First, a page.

Jones amassed a huge herbarium (a compilation of preserved plant specimens) of 100,000 specimens that he sold to California’s Pomona College in 1923, which led to his move to Claremont, near Los Angeles. The Jones Herbarium has been merged into the collection at California Botanic Garden (formerly Rancho Santa Ana Botanic Garden), and it contains numerous Colorado specimens from the 1878 and 1879 explorations. As a record of plant life from an earlier era, when industrialized resource extraction was just beginning to reshape parts of the West to power the industrialization of the nation’s economy, historic herbariums such as those Jones assembled, along with his writings precisely describing the ecosystems he encountered, today have become a resource for scientists seeking to peer back into the past and understand how climate change is having an impact on the natural world
Other institutions holding materials from Jones’s first summers in the west include Colorado State and Utah State Universities, and the New York and Missouri Botanical Gardens. At California Botanic Garden a digitization project designed to make Jones’s specimens more readily available to the public is largely complete. His writings were also extensive, numbering more than 250 articles, pamphlets, and book-length studies that provide a descriptive companion to the specimens he preserved. In addition to botanical discoveries, Jones published on climate, minerals, wildlife, and religion His major studies dealt with western ferns, willow trees, Locoweed (Astragalus), the plant he studied most extensively.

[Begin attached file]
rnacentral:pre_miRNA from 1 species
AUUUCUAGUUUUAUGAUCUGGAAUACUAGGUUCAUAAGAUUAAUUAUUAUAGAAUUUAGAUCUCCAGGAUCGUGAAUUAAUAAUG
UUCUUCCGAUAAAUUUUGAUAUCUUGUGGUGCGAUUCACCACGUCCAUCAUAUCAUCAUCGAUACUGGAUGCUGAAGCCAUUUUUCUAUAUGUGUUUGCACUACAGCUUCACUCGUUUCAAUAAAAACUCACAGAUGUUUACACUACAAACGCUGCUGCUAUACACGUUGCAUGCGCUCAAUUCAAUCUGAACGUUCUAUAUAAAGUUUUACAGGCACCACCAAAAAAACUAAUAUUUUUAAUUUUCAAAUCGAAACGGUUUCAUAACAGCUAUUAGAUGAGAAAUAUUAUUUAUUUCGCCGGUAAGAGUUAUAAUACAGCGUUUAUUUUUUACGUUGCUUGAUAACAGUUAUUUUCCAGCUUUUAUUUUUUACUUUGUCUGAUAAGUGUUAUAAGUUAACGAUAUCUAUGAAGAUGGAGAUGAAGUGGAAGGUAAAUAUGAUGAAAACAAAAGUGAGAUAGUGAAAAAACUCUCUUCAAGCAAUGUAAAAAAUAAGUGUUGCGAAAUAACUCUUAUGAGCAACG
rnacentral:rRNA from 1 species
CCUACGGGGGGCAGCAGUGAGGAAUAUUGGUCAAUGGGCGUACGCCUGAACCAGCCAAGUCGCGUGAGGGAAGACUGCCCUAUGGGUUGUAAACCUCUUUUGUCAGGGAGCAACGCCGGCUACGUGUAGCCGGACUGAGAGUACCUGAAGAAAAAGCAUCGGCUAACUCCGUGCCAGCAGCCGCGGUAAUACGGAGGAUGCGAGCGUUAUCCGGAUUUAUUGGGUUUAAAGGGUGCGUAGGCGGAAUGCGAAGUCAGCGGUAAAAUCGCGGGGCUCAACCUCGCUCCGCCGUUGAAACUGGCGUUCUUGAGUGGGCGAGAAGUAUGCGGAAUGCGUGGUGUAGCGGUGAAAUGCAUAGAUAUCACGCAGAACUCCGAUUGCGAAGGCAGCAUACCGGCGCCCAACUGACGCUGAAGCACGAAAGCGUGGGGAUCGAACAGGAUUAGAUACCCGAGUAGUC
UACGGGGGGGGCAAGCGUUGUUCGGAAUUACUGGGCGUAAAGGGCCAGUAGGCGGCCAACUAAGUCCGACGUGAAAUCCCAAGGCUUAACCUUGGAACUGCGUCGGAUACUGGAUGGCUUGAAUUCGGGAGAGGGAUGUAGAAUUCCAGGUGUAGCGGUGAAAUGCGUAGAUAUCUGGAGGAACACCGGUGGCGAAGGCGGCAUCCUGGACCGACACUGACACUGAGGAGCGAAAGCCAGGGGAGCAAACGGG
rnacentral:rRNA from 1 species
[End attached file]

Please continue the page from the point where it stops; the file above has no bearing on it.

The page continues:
A man who could be blunt and disputatious, extremely self-confident and critical of others, Jones was viewed with distaste by some other botanists. But an appraisal of Marcus E. Jones begins with the acknowledgement that throughout his career of more than fifty years he was an outstanding field botanist. His biographer Lee Lenz reports that Jones saw more plants in their native habitats than any other plant scientist of his era. Lenz adds that Jones described more than 700 plants that were new to Euro-American botanists from his explorations of the western United States. An early promoter of the concept of ecology, Jones warned about the dangers of industrialization was causing to Nature. He is an important transitional figure between the traditional natural history approach of the nineteenth century, which featured widespread collecting and classifying, and the more scientific, laboratory-based “New Botany” of the twentieth.
Those two summer sojourns in Colorado helped transform Marcus Jones from a young man uncertain of his future into an individual committed to the study of botany and willing to make science the nucleus of his life. Colorado’s varied plant life and its invigorating climate, strikingly different from that of his native Iowa, drew Jones to the region. His explorations of Colorado’s mountains, which he likened to “immense tumbled stones built on the tomb of [flowers] dying at their feet” as well as its plains, canyons, and mesas, and the opportunities to write about them, convinced Jones that he was destined to become a Western botanist. Today, as the record of Western plant life he created gains additional significance as a benchmark to help scientists studying the effects of climate change understand how it is impacting the Rocky Mountain ecosystem, those two summers may prove consequential not just in shaping the rest of Jones’s life, but in shaping ours as well.